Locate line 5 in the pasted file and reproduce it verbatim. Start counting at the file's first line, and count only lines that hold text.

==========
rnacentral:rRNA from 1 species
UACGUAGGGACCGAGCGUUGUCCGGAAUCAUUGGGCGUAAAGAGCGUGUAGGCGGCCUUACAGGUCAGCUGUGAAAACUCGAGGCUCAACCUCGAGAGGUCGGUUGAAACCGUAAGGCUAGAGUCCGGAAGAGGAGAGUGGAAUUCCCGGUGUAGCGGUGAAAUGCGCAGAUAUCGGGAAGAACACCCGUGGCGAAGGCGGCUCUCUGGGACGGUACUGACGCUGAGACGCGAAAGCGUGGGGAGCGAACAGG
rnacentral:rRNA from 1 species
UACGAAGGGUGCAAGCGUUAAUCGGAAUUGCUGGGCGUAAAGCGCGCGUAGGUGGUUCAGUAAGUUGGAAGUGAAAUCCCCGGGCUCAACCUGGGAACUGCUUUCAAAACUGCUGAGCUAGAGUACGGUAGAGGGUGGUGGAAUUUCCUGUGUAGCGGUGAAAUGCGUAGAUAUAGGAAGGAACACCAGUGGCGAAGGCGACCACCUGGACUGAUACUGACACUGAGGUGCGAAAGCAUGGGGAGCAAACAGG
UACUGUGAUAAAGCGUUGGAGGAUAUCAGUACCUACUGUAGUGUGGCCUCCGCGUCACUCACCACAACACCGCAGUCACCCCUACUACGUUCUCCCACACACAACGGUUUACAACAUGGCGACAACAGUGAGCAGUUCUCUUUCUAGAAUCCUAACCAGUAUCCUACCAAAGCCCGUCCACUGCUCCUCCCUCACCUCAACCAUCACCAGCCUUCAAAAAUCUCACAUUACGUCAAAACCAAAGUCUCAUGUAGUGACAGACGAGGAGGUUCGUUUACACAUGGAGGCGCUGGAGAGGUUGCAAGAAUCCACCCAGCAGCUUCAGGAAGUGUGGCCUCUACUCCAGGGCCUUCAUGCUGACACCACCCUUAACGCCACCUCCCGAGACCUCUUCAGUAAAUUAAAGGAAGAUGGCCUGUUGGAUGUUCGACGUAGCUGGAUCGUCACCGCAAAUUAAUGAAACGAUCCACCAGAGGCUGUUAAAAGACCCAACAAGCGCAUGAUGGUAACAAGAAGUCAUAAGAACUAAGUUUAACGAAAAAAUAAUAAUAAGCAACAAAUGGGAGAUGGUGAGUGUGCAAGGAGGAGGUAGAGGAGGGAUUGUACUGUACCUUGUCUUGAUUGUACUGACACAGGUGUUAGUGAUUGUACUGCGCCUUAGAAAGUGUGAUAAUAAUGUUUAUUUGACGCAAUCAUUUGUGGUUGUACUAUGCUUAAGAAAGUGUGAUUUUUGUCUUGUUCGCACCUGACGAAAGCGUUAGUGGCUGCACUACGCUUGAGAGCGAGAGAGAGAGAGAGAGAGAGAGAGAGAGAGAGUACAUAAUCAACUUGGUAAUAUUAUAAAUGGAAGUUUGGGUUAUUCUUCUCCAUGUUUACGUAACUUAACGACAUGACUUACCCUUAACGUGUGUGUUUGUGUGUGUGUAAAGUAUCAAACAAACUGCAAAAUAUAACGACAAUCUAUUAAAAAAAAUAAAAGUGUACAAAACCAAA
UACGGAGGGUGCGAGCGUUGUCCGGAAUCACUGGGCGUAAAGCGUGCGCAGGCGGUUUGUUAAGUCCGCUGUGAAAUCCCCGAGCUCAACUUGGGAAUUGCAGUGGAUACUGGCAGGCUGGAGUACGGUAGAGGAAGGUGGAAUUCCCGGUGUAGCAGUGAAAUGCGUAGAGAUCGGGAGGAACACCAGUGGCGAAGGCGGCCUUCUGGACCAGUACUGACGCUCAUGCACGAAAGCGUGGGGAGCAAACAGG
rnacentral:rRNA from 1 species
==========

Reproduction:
UACUGUGAUAAAGCGUUGGAGGAUAUCAGUACCUACUGUAGUGUGGCCUCCGCGUCACUCACCACAACACCGCAGUCACCCCUACUACGUUCUCCCACACACAACGGUUUACAACAUGGCGACAACAGUGAGCAGUUCUCUUUCUAGAAUCCUAACCAGUAUCCUACCAAAGCCCGUCCACUGCUCCUCCCUCACCUCAACCAUCACCAGCCUUCAAAAAUCUCACAUUACGUCAAAACCAAAGUCUCAUGUAGUGACAGACGAGGAGGUUCGUUUACACAUGGAGGCGCUGGAGAGGUUGCAAGAAUCCACCCAGCAGCUUCAGGAAGUGUGGCCUCUACUCCAGGGCCUUCAUGCUGACACCACCCUUAACGCCACCUCCCGAGACCUCUUCAGUAAAUUAAAGGAAGAUGGCCUGUUGGAUGUUCGACGUAGCUGGAUCGUCACCGCAAAUUAAUGAAACGAUCCACCAGAGGCUGUUAAAAGACCCAACAAGCGCAUGAUGGUAACAAGAAGUCAUAAGAACUAAGUUUAACGAAAAAAUAAUAAUAAGCAACAAAUGGGAGAUGGUGAGUGUGCAAGGAGGAGGUAGAGGAGGGAUUGUACUGUACCUUGUCUUGAUUGUACUGACACAGGUGUUAGUGAUUGUACUGCGCCUUAGAAAGUGUGAUAAUAAUGUUUAUUUGACGCAAUCAUUUGUGGUUGUACUAUGCUUAAGAAAGUGUGAUUUUUGUCUUGUUCGCACCUGACGAAAGCGUUAGUGGCUGCACUACGCUUGAGAGCGAGAGAGAGAGAGAGAGAGAGAGAGAGAGAGAGUACAUAAUCAACUUGGUAAUAUUAUAAAUGGAAGUUUGGGUUAUUCUUCUCCAUGUUUACGUAACUUAACGACAUGACUUACCCUUAACGUGUGUGUUUGUGUGUGUGUAAAGUAUCAAACAAACUGCAAAAUAUAACGACAAUCUAUUAAAAAAAAUAAAAGUGUACAAAACCAAA